Last edited by stinkwheel; 6th-October-2018 at 04:11 PM.
    "I'm not getting in a boat which is DESIGNED to go upside down."

  2. #2
    Crow's Avatar
    Crow is offline こんにちは。私はカラスと私はスコットラ ンドの出身で す。
    Join Date
    May 2009
    Location
    Third stone from the sun
    Posts
    16,113
    Journal Entries
    10

    Default

    Excellent stuff.

    I love these urban paddles.

    Like the tiger helmet. Not sure it was necessary on this trip, but it certainly added a bit of colour.

    Loved the shot of the Kelpies over the mud too.

    Here comes the future and you can't run from it
    If you've got a blacklist I want to be on it


    Crow Trip Log

  3. #3
    Join Date
    Sep 2014
    Location
    Cumbria
    Posts
    1,638

    Default

    We weren't sure exactly what to expect so took the lids anyway. Mrs stinkwheel took the view she would either be wearing her wooly hat or a helmet so didn't bother bringing both. I put mine on latterly because it was starting to get pretty cold and wet and I was cycling through town afterwards anyway.

    We checked out a couple of weirs and rapids upstream of where we put on and most of them looked runnable, (although one big step weir would be to climb down), certainly from the motorway down but I suspect you could even run the Carron from a fair way further upstream given some rain. We didn't go too far up to make the cycle shuttle easier. Just as well really because the wind really got up just after we arrived at the kelpies.
    "I'm not getting in a boat which is DESIGNED to go upside down."

  4. #4
    Join Date
    Jul 2008
    Location
    Surrey
    Posts
    21,482

    Default

    Excellent stuff. I do love the idea of a jungle adventure in a canoe, 20 yards from people's front rooms, roads, parks, shops etc, and nobody knows you're there.

    I bet I'm not the only one looking for a decent line on the drop. I reckon it'll go river left in those conditions.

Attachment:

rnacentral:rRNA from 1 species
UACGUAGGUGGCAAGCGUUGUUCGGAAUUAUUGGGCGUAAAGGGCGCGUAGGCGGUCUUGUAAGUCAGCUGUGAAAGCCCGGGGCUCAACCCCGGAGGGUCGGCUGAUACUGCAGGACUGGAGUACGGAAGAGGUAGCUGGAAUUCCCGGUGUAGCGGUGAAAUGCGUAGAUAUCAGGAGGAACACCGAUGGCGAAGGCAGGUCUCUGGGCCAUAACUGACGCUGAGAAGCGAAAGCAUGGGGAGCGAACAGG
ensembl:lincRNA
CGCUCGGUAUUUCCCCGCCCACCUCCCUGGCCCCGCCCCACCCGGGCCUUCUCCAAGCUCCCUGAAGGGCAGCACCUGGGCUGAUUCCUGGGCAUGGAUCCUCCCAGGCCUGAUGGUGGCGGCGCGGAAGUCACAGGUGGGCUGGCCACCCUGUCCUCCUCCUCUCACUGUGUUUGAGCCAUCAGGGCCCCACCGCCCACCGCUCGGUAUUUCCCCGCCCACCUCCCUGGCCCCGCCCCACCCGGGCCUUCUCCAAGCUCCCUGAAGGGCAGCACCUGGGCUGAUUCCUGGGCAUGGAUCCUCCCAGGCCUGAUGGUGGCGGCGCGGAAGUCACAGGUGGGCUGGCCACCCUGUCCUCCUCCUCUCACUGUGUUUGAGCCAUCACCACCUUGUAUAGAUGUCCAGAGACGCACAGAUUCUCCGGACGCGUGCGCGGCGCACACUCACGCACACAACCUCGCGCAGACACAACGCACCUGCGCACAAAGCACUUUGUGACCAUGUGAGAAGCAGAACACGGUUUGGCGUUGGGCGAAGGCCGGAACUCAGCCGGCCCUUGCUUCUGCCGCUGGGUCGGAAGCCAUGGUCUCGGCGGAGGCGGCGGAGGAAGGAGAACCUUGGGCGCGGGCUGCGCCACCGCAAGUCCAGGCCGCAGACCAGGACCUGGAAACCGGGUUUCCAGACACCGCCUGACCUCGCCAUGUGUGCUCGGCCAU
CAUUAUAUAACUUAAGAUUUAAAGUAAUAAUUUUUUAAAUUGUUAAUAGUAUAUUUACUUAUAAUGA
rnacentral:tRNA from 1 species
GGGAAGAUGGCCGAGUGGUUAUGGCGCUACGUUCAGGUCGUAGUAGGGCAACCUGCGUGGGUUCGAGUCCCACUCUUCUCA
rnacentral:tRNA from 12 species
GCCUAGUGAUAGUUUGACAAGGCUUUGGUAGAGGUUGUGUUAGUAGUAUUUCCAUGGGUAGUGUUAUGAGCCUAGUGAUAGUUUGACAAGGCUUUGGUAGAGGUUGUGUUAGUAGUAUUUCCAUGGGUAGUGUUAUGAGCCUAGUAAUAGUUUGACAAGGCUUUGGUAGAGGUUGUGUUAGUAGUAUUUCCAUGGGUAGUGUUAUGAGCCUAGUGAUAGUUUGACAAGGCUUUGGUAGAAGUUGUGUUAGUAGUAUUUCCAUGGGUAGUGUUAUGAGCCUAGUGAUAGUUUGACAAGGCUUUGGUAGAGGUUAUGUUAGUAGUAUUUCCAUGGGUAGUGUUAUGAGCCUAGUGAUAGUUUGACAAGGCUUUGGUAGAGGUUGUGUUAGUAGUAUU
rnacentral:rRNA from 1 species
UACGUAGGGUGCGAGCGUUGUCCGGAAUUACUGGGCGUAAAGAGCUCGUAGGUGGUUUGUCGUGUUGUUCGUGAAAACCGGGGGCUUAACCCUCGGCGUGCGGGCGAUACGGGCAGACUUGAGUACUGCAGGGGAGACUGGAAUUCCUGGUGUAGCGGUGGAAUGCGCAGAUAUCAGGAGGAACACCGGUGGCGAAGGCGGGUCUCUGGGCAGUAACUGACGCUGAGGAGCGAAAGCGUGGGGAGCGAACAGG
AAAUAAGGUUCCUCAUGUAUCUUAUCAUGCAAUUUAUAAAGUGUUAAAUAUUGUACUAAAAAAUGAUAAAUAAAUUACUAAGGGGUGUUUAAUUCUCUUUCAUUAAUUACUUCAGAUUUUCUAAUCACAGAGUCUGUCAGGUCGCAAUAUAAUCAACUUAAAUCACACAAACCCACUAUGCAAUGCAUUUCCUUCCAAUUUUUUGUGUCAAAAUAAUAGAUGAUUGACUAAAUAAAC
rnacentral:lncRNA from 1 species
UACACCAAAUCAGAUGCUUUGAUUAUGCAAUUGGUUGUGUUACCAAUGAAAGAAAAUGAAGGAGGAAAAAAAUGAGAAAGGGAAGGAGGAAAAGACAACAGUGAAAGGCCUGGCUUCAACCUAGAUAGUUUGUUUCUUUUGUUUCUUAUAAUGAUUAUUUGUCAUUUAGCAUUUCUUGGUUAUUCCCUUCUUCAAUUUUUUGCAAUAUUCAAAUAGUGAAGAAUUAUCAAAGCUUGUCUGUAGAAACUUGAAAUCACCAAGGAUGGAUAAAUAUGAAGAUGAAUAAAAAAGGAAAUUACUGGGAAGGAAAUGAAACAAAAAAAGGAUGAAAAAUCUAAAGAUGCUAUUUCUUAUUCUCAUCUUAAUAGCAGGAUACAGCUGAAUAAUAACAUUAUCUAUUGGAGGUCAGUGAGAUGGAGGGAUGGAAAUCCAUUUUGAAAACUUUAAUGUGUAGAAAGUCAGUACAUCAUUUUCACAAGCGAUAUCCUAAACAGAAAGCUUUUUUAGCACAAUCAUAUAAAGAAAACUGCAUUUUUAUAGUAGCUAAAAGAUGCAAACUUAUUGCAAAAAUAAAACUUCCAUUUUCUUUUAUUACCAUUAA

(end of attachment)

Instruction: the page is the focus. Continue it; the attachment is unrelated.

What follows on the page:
Not sure how I've never realised that the canal actually paddles by the kelpies. That's now on the list, too when I visit my friends up that way.

  5. #5
    Join Date
    Sep 2014
    Location
    Cumbria
    Posts
    1,638

    Default

    No/limited boat traffic on that bit of the canal at the moment becaue one or more of the locks is out of order. They had to crane some boats out so you certainly won't be bothering anyone in a canoe. There are a LOT of locks though. 14 between the wheel and the kelpies I think.

    If you did want a short paddle on it though, you could easily park at the top (free) carpark at Helix park, just a short carry from there, the canal runs above the carpark.

    If I fancied a canal paddle in that area though, I'd be tempted to go to the top capark at the wheel (South end) where the kelpie maquettes are kept. You can put in at the top of the wheel, go through the Roughcastle Tunnel, then it's a 3km paddle (with one double lock to portage) to the illuminated 615m Falkirk Tunnel. It's where I plan to take my neice and her Dad for her first canoe trip.

    We looked at the left too. There is a gap in the weir about 2ft in from the left bank, then there is a sneak-through to the left of the main stopper wave (which as-ever, looks smaller on a photo), it was where to after that? Turning left towards the chute against the bank looked best but it would have been a hard left turn then a powerful pull through to sneak between two rocks at 45 degrees to the flow. It would have been a stuipd place to pin a boat.